I think the debate can be enhanced by reflection on our departing points on the type of uncertainty we are implicitly accepting in our models of the future. Do we assume that the future will be like the past? Do we assume that the future will not be like the past at all? How much novelty is in the system?
It is not only economists who have to deal with an uncertain future, anyone else, including environmentalists and politicians, to whom we may look for alternatives when discarding economic evaluation techniques, cannot escape an unknown future, and often implicit assumptions about future events.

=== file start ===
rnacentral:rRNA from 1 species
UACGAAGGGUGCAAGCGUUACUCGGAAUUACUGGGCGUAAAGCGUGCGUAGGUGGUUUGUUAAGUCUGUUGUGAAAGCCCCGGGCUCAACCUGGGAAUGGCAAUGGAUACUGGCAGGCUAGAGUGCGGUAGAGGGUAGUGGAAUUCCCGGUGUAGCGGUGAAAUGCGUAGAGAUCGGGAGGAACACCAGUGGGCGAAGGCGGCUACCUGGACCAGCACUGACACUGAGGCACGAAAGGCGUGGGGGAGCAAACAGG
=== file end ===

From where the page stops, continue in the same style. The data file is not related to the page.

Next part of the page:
Cost-benefit analysis plays an important role, even in the evaluation of projects and programmes with environmental implications. Cost-benefit analysis is no substitute for good decision making though. It helps, but is as bound by the uncertainty of future events as all other (often much less rigorous) techniques.